By accident, I ran across a court order (see 337 F.3d at 1024) that the following footnote be added to an earlier opinion:
We do not confront here a claim of failure to exercise discretion or manifest injustice.
No-one will be actually confused by this, of course; but at least on first reading, it might strike people the wrong way, as "We do not confront here a claim of failure to exercise (discretion or manifest injustice)" (borrowing the mathematical and computer language meaning of parentheses). The very absurdity of "failure to exercise ... manifest injustice" will prevent actual confusion, but it might cause an odd reaction at first. It might have been better to say,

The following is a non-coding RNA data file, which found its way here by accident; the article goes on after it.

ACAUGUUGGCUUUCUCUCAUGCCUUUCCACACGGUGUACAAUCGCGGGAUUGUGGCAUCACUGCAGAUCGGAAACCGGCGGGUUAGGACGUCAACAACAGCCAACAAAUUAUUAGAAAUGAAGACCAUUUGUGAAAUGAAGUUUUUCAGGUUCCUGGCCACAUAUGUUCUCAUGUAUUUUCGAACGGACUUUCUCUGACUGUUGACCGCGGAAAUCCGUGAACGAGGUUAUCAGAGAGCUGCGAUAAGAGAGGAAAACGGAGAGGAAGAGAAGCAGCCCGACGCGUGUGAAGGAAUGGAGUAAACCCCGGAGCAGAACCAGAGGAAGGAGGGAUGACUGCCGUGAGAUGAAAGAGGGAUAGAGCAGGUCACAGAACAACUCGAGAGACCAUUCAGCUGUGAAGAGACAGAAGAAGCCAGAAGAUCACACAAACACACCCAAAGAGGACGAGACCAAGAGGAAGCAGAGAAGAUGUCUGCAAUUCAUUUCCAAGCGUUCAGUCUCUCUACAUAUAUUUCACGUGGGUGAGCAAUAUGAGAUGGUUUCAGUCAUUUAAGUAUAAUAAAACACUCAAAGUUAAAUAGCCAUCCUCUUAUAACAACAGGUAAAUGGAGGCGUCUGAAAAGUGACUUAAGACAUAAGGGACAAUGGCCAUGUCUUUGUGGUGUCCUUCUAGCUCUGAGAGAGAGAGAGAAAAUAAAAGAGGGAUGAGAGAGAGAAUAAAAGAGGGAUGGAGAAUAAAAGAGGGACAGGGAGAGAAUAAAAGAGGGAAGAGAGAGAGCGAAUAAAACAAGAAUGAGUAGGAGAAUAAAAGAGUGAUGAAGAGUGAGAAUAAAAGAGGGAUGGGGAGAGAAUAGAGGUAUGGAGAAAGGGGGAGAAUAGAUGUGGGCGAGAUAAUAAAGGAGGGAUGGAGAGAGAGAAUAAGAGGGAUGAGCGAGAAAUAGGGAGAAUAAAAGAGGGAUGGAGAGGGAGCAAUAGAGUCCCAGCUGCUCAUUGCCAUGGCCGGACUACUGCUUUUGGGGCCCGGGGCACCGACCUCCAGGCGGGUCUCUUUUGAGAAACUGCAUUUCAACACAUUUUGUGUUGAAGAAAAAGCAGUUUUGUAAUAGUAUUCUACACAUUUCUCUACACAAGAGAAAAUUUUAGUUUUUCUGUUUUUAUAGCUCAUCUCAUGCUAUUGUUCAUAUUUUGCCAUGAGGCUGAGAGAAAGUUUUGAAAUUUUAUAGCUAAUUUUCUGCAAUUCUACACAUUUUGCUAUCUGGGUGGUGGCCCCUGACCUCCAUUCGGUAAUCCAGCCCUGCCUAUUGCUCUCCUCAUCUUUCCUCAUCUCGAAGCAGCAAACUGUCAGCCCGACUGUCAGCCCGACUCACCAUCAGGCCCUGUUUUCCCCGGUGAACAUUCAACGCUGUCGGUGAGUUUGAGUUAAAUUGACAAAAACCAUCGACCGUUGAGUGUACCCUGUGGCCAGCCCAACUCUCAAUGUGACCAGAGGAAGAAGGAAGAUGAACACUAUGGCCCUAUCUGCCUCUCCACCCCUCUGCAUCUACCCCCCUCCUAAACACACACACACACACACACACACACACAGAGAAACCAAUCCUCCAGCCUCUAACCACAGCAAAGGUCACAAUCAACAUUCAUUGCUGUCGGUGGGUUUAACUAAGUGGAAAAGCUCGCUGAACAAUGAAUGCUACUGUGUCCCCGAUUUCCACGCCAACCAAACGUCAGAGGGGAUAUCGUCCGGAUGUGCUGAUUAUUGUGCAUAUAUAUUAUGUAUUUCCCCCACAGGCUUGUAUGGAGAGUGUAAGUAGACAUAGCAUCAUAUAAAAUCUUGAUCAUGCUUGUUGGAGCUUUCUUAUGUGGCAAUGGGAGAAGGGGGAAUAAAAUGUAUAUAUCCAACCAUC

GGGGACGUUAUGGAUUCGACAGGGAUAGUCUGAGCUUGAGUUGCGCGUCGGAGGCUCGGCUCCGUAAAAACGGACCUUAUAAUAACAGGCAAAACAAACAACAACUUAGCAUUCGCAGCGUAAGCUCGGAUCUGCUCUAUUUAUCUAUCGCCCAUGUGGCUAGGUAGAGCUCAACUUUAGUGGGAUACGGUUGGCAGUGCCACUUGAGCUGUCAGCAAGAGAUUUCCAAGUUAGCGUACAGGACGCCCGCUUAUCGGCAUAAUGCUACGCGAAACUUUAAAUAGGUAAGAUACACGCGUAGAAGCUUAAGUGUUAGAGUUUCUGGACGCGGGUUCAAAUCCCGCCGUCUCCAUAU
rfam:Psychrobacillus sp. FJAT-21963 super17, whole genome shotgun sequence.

We do not confront here a claim of failure to exercise discretion or of manifest injustice.
Alternatively, if the order of the options wasn't rhetorically significant, the court could have said,
We do not confront here a claim of manifest injustice or failure to exercise discretion.
But this too might be a bit ambiguous (though perhaps not relevantly so), since it might be interpreted either as
We do not confront here a claim of (manifest injustice or failure to exercise discretion).
We do not confront here (a claim of manifest injustice) or (failure to exercise discretion).